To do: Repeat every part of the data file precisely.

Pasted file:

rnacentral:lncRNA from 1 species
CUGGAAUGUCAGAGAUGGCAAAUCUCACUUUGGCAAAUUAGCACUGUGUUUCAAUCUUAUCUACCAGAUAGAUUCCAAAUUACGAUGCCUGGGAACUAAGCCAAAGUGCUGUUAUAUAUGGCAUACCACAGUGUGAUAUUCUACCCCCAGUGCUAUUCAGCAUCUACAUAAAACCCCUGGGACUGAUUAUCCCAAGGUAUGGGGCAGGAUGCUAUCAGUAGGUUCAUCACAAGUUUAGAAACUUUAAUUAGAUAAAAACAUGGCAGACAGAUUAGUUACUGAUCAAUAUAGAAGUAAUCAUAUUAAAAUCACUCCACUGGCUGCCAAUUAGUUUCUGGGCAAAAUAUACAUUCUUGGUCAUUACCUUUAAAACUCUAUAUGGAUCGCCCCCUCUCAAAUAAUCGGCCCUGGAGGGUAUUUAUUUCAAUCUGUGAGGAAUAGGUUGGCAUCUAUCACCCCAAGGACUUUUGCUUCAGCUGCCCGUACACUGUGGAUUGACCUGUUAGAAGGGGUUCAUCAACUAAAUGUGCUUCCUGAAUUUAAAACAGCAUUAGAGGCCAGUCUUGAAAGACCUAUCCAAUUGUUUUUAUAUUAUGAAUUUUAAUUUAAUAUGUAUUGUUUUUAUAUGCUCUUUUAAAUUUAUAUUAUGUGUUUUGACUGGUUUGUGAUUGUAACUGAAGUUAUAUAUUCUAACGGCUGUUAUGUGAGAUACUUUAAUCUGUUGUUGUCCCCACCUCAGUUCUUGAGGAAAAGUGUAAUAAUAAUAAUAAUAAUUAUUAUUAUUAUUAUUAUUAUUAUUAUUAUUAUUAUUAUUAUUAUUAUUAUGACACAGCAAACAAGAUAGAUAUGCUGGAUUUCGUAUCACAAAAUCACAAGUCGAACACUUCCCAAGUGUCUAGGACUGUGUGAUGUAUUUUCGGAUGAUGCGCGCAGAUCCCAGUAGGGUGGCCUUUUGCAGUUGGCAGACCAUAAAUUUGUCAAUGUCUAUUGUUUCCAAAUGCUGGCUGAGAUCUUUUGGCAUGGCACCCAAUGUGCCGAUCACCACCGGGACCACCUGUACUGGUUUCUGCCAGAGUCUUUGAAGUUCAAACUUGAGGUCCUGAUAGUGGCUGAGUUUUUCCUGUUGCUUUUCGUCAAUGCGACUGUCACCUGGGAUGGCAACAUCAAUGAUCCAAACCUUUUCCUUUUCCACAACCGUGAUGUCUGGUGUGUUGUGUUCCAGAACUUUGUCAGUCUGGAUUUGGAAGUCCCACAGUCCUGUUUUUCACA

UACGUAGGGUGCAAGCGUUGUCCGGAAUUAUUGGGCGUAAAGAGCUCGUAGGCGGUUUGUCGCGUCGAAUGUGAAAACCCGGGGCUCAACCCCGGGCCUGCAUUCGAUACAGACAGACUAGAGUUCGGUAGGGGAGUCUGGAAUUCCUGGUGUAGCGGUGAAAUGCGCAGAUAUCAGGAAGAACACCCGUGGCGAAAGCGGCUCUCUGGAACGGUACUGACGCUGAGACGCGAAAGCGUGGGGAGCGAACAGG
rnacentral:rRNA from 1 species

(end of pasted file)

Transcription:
rnacentral:lncRNA from 1 species
CUGGAAUGUCAGAGAUGGCAAAUCUCACUUUGGCAAAUUAGCACUGUGUUUCAAUCUUAUCUACCAGAUAGAUUCCAAAUUACGAUGCCUGGGAACUAAGCCAAAGUGCUGUUAUAUAUGGCAUACCACAGUGUGAUAUUCUACCCCCAGUGCUAUUCAGCAUCUACAUAAAACCCCUGGGACUGAUUAUCCCAAGGUAUGGGGCAGGAUGCUAUCAGUAGGUUCAUCACAAGUUUAGAAACUUUAAUUAGAUAAAAACAUGGCAGACAGAUUAGUUACUGAUCAAUAUAGAAGUAAUCAUAUUAAAAUCACUCCACUGGCUGCCAAUUAGUUUCUGGGCAAAAUAUACAUUCUUGGUCAUUACCUUUAAAACUCUAUAUGGAUCGCCCCCUCUCAAAUAAUCGGCCCUGGAGGGUAUUUAUUUCAAUCUGUGAGGAAUAGGUUGGCAUCUAUCACCCCAAGGACUUUUGCUUCAGCUGCCCGUACACUGUGGAUUGACCUGUUAGAAGGGGUUCAUCAACUAAAUGUGCUUCCUGAAUUUAAAACAGCAUUAGAGGCCAGUCUUGAAAGACCUAUCCAAUUGUUUUUAUAUUAUGAAUUUUAAUUUAAUAUGUAUUGUUUUUAUAUGCUCUUUUAAAUUUAUAUUAUGUGUUUUGACUGGUUUGUGAUUGUAACUGAAGUUAUAUAUUCUAACGGCUGUUAUGUGAGAUACUUUAAUCUGUUGUUGUCCCCACCUCAGUUCUUGAGGAAAAGUGUAAUAAUAAUAAUAAUAAUUAUUAUUAUUAUUAUUAUUAUUAUUAUUAUUAUUAUUAUUAUUAUUAUUAUGACACAGCAAACAAGAUAGAUAUGCUGGAUUUCGUAUCACAAAAUCACAAGUCGAACACUUCCCAAGUGUCUAGGACUGUGUGAUGUAUUUUCGGAUGAUGCGCGCAGAUCCCAGUAGGGUGGCCUUUUGCAGUUGGCAGACCAUAAAUUUGUCAAUGUCUAUUGUUUCCAAAUGCUGGCUGAGAUCUUUUGGCAUGGCACCCAAUGUGCCGAUCACCACCGGGACCACCUGUACUGGUUUCUGCCAGAGUCUUUGAAGUUCAAACUUGAGGUCCUGAUAGUGGCUGAGUUUUUCCUGUUGCUUUUCGUCAAUGCGACUGUCACCUGGGAUGGCAACAUCAAUGAUCCAAACCUUUUCCUUUUCCACAACCGUGAUGUCUGGUGUGUUGUGUUCCAGAACUUUGUCAGUCUGGAUUUGGAAGUCCCACAGUCCUGUUUUUCACA

UACGUAGGGUGCAAGCGUUGUCCGGAAUUAUUGGGCGUAAAGAGCUCGUAGGCGGUUUGUCGCGUCGAAUGUGAAAACCCGGGGCUCAACCCCGGGCCUGCAUUCGAUACAGACAGACUAGAGUUCGGUAGGGGAGUCUGGAAUUCCUGGUGUAGCGGUGAAAUGCGCAGAUAUCAGGAAGAACACCCGUGGCGAAAGCGGCUCUCUGGAACGGUACUGACGCUGAGACGCGAAAGCGUGGGGAGCGAACAGG
rnacentral:rRNA from 1 species